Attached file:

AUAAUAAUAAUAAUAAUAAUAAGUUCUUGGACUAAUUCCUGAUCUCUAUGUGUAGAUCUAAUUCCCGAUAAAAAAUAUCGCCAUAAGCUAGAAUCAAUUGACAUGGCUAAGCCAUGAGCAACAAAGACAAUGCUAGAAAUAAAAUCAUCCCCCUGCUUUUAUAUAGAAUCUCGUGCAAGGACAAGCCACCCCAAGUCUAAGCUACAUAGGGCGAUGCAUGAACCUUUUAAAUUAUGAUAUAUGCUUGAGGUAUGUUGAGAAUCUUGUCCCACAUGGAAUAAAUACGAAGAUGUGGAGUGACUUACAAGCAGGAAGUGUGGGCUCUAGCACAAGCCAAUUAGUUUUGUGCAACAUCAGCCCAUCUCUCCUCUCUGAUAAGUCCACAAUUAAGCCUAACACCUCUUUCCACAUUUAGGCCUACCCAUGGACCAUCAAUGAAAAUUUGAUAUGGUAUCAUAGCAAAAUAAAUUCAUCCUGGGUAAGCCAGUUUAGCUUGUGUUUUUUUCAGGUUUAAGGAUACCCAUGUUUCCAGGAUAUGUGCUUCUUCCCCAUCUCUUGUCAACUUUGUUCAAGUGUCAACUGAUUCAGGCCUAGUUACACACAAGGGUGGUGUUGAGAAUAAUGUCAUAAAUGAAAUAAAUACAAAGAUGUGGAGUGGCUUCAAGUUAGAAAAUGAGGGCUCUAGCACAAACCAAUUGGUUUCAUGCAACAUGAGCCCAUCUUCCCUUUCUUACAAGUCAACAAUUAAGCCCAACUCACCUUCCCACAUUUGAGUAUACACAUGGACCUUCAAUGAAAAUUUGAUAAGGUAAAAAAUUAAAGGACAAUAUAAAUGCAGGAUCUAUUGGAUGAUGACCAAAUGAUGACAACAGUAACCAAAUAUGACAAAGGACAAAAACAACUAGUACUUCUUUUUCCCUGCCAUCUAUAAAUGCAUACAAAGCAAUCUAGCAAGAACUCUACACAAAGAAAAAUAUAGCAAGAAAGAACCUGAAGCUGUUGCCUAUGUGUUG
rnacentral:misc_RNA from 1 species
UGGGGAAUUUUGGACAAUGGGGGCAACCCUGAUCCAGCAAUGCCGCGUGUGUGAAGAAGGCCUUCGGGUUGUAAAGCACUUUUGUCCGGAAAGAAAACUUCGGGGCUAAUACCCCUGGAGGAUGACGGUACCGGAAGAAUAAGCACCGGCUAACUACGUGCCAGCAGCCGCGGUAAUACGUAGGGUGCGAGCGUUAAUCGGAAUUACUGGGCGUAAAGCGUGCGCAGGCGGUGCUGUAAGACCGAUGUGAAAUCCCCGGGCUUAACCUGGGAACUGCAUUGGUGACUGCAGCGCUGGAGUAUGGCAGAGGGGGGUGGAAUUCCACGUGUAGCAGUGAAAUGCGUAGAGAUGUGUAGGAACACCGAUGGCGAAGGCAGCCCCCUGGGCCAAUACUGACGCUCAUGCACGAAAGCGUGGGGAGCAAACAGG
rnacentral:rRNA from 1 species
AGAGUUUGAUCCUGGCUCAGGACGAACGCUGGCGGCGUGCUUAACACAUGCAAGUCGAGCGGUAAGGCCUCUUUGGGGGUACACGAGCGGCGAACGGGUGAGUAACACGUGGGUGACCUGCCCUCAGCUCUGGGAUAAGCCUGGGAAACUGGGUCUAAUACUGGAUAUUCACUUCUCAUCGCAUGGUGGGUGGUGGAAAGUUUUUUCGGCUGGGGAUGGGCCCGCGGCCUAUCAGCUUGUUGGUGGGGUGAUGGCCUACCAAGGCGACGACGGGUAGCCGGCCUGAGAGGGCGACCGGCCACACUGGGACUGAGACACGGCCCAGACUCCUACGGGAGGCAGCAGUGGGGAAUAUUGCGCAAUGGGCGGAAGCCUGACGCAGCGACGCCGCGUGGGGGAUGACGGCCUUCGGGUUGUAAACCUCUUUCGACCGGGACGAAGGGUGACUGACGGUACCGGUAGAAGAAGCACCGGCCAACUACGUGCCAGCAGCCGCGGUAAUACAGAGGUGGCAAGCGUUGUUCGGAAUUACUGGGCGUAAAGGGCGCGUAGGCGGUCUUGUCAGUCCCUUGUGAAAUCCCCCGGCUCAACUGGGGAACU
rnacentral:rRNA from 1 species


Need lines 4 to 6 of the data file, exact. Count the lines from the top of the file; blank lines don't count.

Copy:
rnacentral:rRNA from 1 species
AGAGUUUGAUCCUGGCUCAGGACGAACGCUGGCGGCGUGCUUAACACAUGCAAGUCGAGCGGUAAGGCCUCUUUGGGGGUACACGAGCGGCGAACGGGUGAGUAACACGUGGGUGACCUGCCCUCAGCUCUGGGAUAAGCCUGGGAAACUGGGUCUAAUACUGGAUAUUCACUUCUCAUCGCAUGGUGGGUGGUGGAAAGUUUUUUCGGCUGGGGAUGGGCCCGCGGCCUAUCAGCUUGUUGGUGGGGUGAUGGCCUACCAAGGCGACGACGGGUAGCCGGCCUGAGAGGGCGACCGGCCACACUGGGACUGAGACACGGCCCAGACUCCUACGGGAGGCAGCAGUGGGGAAUAUUGCGCAAUGGGCGGAAGCCUGACGCAGCGACGCCGCGUGGGGGAUGACGGCCUUCGGGUUGUAAACCUCUUUCGACCGGGACGAAGGGUGACUGACGGUACCGGUAGAAGAAGCACCGGCCAACUACGUGCCAGCAGCCGCGGUAAUACAGAGGUGGCAAGCGUUGUUCGGAAUUACUGGGCGUAAAGGGCGCGUAGGCGGUCUUGUCAGUCCCUUGUGAAAUCCCCCGGCUCAACUGGGGAACU
rnacentral:rRNA from 1 species